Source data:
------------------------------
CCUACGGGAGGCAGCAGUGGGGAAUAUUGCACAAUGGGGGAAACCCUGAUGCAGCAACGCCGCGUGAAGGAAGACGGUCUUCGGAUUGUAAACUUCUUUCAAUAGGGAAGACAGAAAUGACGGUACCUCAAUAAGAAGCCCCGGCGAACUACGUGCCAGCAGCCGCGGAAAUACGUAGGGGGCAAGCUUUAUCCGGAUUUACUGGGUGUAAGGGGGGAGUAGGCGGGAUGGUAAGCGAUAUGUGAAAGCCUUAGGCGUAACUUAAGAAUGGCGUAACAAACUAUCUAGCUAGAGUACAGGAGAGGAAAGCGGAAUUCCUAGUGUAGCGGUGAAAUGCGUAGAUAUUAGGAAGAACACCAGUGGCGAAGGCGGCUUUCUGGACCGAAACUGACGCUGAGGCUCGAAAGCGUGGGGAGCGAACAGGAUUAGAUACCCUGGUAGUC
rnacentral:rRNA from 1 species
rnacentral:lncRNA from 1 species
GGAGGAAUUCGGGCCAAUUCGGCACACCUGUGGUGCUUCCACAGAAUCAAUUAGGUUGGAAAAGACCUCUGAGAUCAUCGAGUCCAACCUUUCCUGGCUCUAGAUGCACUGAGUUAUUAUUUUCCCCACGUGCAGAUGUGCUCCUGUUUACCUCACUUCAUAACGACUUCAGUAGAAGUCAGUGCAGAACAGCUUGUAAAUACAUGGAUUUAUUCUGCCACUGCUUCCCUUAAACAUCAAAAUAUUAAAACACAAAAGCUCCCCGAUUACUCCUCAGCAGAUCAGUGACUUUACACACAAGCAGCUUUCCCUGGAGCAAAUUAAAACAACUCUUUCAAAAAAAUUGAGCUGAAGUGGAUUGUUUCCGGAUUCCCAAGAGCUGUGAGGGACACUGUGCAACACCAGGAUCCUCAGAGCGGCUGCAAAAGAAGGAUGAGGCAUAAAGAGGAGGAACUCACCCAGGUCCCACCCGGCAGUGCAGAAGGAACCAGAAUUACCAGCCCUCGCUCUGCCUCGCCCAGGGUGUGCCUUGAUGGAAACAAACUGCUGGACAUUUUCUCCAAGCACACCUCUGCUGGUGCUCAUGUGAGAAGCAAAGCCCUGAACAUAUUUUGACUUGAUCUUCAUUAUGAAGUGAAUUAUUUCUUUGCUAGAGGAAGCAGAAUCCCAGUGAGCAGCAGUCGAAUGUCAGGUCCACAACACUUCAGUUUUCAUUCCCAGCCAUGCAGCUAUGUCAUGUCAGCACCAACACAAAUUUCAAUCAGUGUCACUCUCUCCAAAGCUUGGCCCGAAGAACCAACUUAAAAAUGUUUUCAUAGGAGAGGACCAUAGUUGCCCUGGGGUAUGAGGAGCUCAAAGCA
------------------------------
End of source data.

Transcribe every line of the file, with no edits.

CCUACGGGAGGCAGCAGUGGGGAAUAUUGCACAAUGGGGGAAACCCUGAUGCAGCAACGCCGCGUGAAGGAAGACGGUCUUCGGAUUGUAAACUUCUUUCAAUAGGGAAGACAGAAAUGACGGUACCUCAAUAAGAAGCCCCGGCGAACUACGUGCCAGCAGCCGCGGAAAUACGUAGGGGGCAAGCUUUAUCCGGAUUUACUGGGUGUAAGGGGGGAGUAGGCGGGAUGGUAAGCGAUAUGUGAAAGCCUUAGGCGUAACUUAAGAAUGGCGUAACAAACUAUCUAGCUAGAGUACAGGAGAGGAAAGCGGAAUUCCUAGUGUAGCGGUGAAAUGCGUAGAUAUUAGGAAGAACACCAGUGGCGAAGGCGGCUUUCUGGACCGAAACUGACGCUGAGGCUCGAAAGCGUGGGGAGCGAACAGGAUUAGAUACCCUGGUAGUC
rnacentral:rRNA from 1 species
rnacentral:lncRNA from 1 species
GGAGGAAUUCGGGCCAAUUCGGCACACCUGUGGUGCUUCCACAGAAUCAAUUAGGUUGGAAAAGACCUCUGAGAUCAUCGAGUCCAACCUUUCCUGGCUCUAGAUGCACUGAGUUAUUAUUUUCCCCACGUGCAGAUGUGCUCCUGUUUACCUCACUUCAUAACGACUUCAGUAGAAGUCAGUGCAGAACAGCUUGUAAAUACAUGGAUUUAUUCUGCCACUGCUUCCCUUAAACAUCAAAAUAUUAAAACACAAAAGCUCCCCGAUUACUCCUCAGCAGAUCAGUGACUUUACACACAAGCAGCUUUCCCUGGAGCAAAUUAAAACAACUCUUUCAAAAAAAUUGAGCUGAAGUGGAUUGUUUCCGGAUUCCCAAGAGCUGUGAGGGACACUGUGCAACACCAGGAUCCUCAGAGCGGCUGCAAAAGAAGGAUGAGGCAUAAAGAGGAGGAACUCACCCAGGUCCCACCCGGCAGUGCAGAAGGAACCAGAAUUACCAGCCCUCGCUCUGCCUCGCCCAGGGUGUGCCUUGAUGGAAACAAACUGCUGGACAUUUUCUCCAAGCACACCUCUGCUGGUGCUCAUGUGAGAAGCAAAGCCCUGAACAUAUUUUGACUUGAUCUUCAUUAUGAAGUGAAUUAUUUCUUUGCUAGAGGAAGCAGAAUCCCAGUGAGCAGCAGUCGAAUGUCAGGUCCACAACACUUCAGUUUUCAUUCCCAGCCAUGCAGCUAUGUCAUGUCAGCACCAACACAAAUUUCAAUCAGUGUCACUCUCUCCAAAGCUUGGCCCGAAGAACCAACUUAAAAAUGUUUUCAUAGGAGAGGACCAUAGUUGCCCUGGGGUAUGAGGAGCUCAAAGCA